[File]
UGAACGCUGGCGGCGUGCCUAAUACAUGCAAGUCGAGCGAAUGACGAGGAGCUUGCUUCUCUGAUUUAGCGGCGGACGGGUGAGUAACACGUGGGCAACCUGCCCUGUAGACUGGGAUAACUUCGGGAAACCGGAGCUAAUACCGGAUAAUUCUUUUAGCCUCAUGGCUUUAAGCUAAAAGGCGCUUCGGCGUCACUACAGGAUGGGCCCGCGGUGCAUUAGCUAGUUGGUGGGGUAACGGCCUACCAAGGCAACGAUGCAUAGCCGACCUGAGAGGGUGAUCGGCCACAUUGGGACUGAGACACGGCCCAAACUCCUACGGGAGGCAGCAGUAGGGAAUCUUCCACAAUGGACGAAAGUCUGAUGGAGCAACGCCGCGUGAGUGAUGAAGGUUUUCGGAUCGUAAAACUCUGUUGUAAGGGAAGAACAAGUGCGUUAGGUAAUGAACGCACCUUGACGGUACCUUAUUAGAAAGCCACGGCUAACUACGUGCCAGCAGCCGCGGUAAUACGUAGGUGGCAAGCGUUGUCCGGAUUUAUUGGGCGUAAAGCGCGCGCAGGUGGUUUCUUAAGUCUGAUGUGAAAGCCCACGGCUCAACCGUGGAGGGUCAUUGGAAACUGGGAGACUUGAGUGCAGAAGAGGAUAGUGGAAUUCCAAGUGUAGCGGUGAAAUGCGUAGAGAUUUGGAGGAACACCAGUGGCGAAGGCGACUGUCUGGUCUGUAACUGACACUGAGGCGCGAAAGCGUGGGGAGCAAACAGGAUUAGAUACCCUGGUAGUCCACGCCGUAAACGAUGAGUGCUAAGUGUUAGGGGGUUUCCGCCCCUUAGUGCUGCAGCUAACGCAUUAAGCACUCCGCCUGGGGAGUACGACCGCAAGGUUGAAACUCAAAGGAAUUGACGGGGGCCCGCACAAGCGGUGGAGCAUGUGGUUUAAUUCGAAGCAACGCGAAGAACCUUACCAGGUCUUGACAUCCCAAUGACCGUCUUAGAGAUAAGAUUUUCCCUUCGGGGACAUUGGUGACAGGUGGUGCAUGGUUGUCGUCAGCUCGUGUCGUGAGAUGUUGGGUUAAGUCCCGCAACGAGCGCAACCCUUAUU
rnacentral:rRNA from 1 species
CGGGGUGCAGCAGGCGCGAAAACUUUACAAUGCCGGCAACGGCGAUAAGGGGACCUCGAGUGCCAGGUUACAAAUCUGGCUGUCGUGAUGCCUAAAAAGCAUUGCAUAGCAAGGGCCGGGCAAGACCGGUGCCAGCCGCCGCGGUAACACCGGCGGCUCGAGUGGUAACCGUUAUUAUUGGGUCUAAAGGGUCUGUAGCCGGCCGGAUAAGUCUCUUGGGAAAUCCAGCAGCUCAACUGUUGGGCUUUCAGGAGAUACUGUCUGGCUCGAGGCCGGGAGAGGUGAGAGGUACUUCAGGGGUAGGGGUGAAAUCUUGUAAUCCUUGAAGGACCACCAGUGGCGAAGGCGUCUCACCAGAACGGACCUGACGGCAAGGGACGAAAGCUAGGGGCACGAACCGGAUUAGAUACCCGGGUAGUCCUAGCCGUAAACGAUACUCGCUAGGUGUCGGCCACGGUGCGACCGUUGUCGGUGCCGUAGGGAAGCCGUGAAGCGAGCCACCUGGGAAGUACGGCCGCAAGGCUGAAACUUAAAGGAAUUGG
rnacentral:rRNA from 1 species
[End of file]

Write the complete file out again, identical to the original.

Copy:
UGAACGCUGGCGGCGUGCCUAAUACAUGCAAGUCGAGCGAAUGACGAGGAGCUUGCUUCUCUGAUUUAGCGGCGGACGGGUGAGUAACACGUGGGCAACCUGCCCUGUAGACUGGGAUAACUUCGGGAAACCGGAGCUAAUACCGGAUAAUUCUUUUAGCCUCAUGGCUUUAAGCUAAAAGGCGCUUCGGCGUCACUACAGGAUGGGCCCGCGGUGCAUUAGCUAGUUGGUGGGGUAACGGCCUACCAAGGCAACGAUGCAUAGCCGACCUGAGAGGGUGAUCGGCCACAUUGGGACUGAGACACGGCCCAAACUCCUACGGGAGGCAGCAGUAGGGAAUCUUCCACAAUGGACGAAAGUCUGAUGGAGCAACGCCGCGUGAGUGAUGAAGGUUUUCGGAUCGUAAAACUCUGUUGUAAGGGAAGAACAAGUGCGUUAGGUAAUGAACGCACCUUGACGGUACCUUAUUAGAAAGCCACGGCUAACUACGUGCCAGCAGCCGCGGUAAUACGUAGGUGGCAAGCGUUGUCCGGAUUUAUUGGGCGUAAAGCGCGCGCAGGUGGUUUCUUAAGUCUGAUGUGAAAGCCCACGGCUCAACCGUGGAGGGUCAUUGGAAACUGGGAGACUUGAGUGCAGAAGAGGAUAGUGGAAUUCCAAGUGUAGCGGUGAAAUGCGUAGAGAUUUGGAGGAACACCAGUGGCGAAGGCGACUGUCUGGUCUGUAACUGACACUGAGGCGCGAAAGCGUGGGGAGCAAACAGGAUUAGAUACCCUGGUAGUCCACGCCGUAAACGAUGAGUGCUAAGUGUUAGGGGGUUUCCGCCCCUUAGUGCUGCAGCUAACGCAUUAAGCACUCCGCCUGGGGAGUACGACCGCAAGGUUGAAACUCAAAGGAAUUGACGGGGGCCCGCACAAGCGGUGGAGCAUGUGGUUUAAUUCGAAGCAACGCGAAGAACCUUACCAGGUCUUGACAUCCCAAUGACCGUCUUAGAGAUAAGAUUUUCCCUUCGGGGACAUUGGUGACAGGUGGUGCAUGGUUGUCGUCAGCUCGUGUCGUGAGAUGUUGGGUUAAGUCCCGCAACGAGCGCAACCCUUAUU
rnacentral:rRNA from 1 species
CGGGGUGCAGCAGGCGCGAAAACUUUACAAUGCCGGCAACGGCGAUAAGGGGACCUCGAGUGCCAGGUUACAAAUCUGGCUGUCGUGAUGCCUAAAAAGCAUUGCAUAGCAAGGGCCGGGCAAGACCGGUGCCAGCCGCCGCGGUAACACCGGCGGCUCGAGUGGUAACCGUUAUUAUUGGGUCUAAAGGGUCUGUAGCCGGCCGGAUAAGUCUCUUGGGAAAUCCAGCAGCUCAACUGUUGGGCUUUCAGGAGAUACUGUCUGGCUCGAGGCCGGGAGAGGUGAGAGGUACUUCAGGGGUAGGGGUGAAAUCUUGUAAUCCUUGAAGGACCACCAGUGGCGAAGGCGUCUCACCAGAACGGACCUGACGGCAAGGGACGAAAGCUAGGGGCACGAACCGGAUUAGAUACCCGGGUAGUCCUAGCCGUAAACGAUACUCGCUAGGUGUCGGCCACGGUGCGACCGUUGUCGGUGCCGUAGGGAAGCCGUGAAGCGAGCCACCUGGGAAGUACGGCCGCAAGGCUGAAACUUAAAGGAAUUGG
rnacentral:rRNA from 1 species